There is a social contract between an architect and the public on every building: how it is designed on the exterior can play a crucial role in its overall appeal and performance. Implementing green space in surrounding areas can positively enhance the experience in and around the building. There has been growing research regarding the positive effects nature has on people’s mental and physical health.
We spend the majority of our time in and around buildings, so making sure they look good is essential to increasing the quality of the space. Making it a space people actually want to interact with is the sign of a successful project. An article by Michael Bond for the BBC explores how, through the use of color, blending different materials, geometric patterns, and good t proportions, our built environment can inspire and welcome exploration and a sense of community and belonging, while inspiring, calming, and initiating productivity. Subconscious influences of the built environment affect how we feel and how we engage with our surroundings.
One challenge of aesthetics arguments is that beauty is in the eye of the beholder. This presents challenges: to dismiss the concerns of someone who doesn’t find a building beautiful is to dismiss a person’s feelings, experiences and thoughts as unworthy of respectful dialogue. We may not always agree on what beauty is, but we know what we like. We need to be able to arrive at a point where we can learn, respect and appreciate beauty, and what someone else finds beautiful even if it’s not to our own taste.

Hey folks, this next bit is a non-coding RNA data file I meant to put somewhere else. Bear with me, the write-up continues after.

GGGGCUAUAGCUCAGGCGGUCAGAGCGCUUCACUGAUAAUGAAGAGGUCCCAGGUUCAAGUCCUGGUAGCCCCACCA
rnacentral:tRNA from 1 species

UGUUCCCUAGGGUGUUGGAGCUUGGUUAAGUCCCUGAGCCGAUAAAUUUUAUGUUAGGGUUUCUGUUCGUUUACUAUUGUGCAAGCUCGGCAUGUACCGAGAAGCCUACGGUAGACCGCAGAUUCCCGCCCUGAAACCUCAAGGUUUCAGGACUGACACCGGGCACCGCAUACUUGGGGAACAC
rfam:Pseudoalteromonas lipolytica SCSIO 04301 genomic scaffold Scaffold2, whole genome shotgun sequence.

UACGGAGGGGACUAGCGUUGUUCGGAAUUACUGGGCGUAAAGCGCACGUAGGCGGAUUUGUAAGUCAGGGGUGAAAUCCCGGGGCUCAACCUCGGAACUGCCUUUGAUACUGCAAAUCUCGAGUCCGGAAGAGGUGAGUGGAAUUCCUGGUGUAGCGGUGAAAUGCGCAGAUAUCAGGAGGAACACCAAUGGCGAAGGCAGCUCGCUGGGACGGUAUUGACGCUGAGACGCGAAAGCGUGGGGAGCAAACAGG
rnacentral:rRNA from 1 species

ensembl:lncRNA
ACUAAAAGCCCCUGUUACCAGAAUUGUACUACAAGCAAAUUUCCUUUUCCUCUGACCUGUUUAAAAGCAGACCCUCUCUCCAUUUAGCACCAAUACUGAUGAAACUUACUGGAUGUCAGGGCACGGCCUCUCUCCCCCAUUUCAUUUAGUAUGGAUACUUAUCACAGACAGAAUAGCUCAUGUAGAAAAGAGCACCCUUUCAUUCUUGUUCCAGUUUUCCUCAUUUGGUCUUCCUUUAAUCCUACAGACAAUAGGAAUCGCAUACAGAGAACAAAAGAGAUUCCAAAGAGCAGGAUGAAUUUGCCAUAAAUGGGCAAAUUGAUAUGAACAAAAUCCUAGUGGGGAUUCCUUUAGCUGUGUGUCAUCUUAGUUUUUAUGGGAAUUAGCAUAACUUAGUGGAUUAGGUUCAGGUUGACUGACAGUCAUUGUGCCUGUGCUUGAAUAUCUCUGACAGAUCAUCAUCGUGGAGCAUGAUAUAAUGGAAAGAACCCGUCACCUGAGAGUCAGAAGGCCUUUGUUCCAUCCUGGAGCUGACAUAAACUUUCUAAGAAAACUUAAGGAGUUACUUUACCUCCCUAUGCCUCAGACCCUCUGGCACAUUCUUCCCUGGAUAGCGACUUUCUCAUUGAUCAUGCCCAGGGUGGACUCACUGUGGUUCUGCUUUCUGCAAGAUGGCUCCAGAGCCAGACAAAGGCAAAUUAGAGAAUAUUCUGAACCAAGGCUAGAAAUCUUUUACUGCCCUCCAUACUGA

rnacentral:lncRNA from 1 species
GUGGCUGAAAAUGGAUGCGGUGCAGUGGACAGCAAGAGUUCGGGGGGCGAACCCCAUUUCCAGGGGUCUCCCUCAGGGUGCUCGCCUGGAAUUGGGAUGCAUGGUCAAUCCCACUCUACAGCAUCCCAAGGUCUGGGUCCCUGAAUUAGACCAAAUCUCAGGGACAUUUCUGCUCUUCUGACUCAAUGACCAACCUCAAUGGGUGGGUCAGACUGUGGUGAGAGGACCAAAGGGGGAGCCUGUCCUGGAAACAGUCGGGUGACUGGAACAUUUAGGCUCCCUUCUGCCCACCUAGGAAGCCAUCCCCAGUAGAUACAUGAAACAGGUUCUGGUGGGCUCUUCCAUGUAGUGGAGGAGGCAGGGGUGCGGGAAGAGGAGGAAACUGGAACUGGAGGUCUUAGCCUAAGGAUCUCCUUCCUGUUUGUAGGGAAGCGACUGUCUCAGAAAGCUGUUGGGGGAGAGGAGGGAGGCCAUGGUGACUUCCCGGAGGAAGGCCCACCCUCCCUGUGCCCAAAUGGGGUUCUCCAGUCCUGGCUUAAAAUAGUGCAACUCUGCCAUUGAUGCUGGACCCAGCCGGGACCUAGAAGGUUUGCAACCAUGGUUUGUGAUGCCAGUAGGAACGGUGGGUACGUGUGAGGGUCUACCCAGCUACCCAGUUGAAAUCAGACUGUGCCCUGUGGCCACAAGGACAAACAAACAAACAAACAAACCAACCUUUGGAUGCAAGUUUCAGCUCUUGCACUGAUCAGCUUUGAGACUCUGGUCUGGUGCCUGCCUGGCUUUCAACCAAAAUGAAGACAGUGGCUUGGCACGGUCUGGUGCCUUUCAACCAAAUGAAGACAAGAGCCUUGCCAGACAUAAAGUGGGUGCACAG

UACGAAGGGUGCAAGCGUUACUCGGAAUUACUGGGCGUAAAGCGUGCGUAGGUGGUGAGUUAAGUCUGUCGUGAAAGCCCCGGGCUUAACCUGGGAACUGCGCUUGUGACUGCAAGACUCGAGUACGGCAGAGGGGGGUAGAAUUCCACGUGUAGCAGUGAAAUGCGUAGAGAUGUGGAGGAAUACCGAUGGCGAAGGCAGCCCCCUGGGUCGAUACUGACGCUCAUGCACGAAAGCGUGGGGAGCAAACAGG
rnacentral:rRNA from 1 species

Architects have been incorporating more technological elements into their designs. In the residential sphere, automation has become more popular. People want to be able to control their lights, furnaces, fireplace and appliances, with their phones or at the touch of a button.
This makes homeowners feel more in control of their homes and gives it a more personalized feel. By adding technologies into the home that are specific to that inhabitant’s lifestyle, the home becomes more tailored to that individual. That comes with a price, however, since that technology raises questions of data privacy as well as the ability to control your home in the event of a major storm or power outage.
Technology is nothing new to commercial design; Construction Connect reports that technology has become more mainstream and sophisticated in the last several years. This is especially prevalent in building information modeling where we can understand how buildings behave over time, and can be maintained and operated in multi-dimensional modeling.